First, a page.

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Why We Sing on Shabbat
By Jonathan L. Friedmann
The most basic definition of the word "sacred" is that which is set apart from the ordinary. Religious communities throughout the world demarcate sacred space in otherwise unremarkable landscapes, revere sacred scriptures over worldly texts, and engage in sacred rituals removed from the activities of everyday life. And in almost every tradition, music helps draw attention to these holy things: houses of worship are filled with song, texts are chanted with melody, and ritual is accompanied by singing.
This close association of music and the sacred is not accidental. Singing marks a break from the normal mode of communication. Words set to music rise above the drone of everyday speech. Songs separate words of prayer from ordinary language. In short, music can inspire a sense of sacred time and place.
It is thus not surprising that Shabbat is a day brimming with song. Shabbat is, after all, set apart by God from the rest of the week. As it is written: "On the seventh day God completed His work which He had done, and He abstained on the seventh day from all the work which he had done. God blessed the seventh day and sanctified it, because on it He had abstained from all His work which God created to make" (Gen. 2:2-3).
Many prominent figures in Jewish history have noted the suitability of singing on Shabbat. The great Spanish poet Judah Halevi (c. 1080-1141) wrote, "I will sing, O Sabbath, songs of love unto thee. For it is Fitting, O day that art precious to me." Rabbi Isaiah Horowitz (1565-1630) suggested that the welcoming and departing of Shabbat be escorted by song. And Hasidic master Rabbi Nachman of Breslov (1772-1810) taught that singing on Shabbat "will give you a new life and send joy into your soul. Then you will be able to bind yourself to God."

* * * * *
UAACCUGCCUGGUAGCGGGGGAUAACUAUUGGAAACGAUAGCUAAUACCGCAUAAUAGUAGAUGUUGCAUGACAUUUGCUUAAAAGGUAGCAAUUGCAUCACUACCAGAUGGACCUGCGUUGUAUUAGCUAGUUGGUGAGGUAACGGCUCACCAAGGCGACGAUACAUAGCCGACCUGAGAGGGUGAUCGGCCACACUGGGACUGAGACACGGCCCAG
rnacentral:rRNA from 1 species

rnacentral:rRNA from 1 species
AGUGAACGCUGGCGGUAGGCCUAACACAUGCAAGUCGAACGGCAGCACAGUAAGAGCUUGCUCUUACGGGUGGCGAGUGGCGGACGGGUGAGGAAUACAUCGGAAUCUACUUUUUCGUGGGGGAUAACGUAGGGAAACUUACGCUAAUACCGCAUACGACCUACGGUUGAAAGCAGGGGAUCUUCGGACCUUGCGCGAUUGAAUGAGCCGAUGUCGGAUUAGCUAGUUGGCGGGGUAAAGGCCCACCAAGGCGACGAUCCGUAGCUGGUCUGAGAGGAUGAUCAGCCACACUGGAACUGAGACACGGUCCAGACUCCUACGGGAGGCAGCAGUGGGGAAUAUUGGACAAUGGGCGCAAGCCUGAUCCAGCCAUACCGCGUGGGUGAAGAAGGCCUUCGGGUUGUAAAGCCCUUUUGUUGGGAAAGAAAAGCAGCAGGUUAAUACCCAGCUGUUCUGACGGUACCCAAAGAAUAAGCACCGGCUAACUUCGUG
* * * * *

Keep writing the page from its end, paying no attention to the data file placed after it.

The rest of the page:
Over the centuries, a vast library of Shabbat music has been amassed, from folk tunes and table songs (zemirot), to choral works and cantorial gems. In 1929, musicologist Abraham Z. Idelsohn noted that there were over 2,000 melodies for Lecha Dodi ("Come My Beloved") alone, and hundreds more have been composed since then. Cantors and rabbis often introduce different musical settings into Shabbat services, and there is a seemingly endless supply of new Shabbat recordings and sheet music. So, it can be said, Shabbat is not only a day of rest, peace, and joy, but also a day of song. Listen to the author as he sings the classic Lecho Dodi as composed by Max Helfman.
Jonathan L. Friedmann is Cantor of Bet Knesset Bamidbar in Las Vegas, Nevada, and the editor of two books, Jewish Sacred Music and Jewish Identity (Paragon House, 2008) and The Value of Sacred Music (McFarland, 2009).
from the May 2009 Edition of the Jewish Magazine
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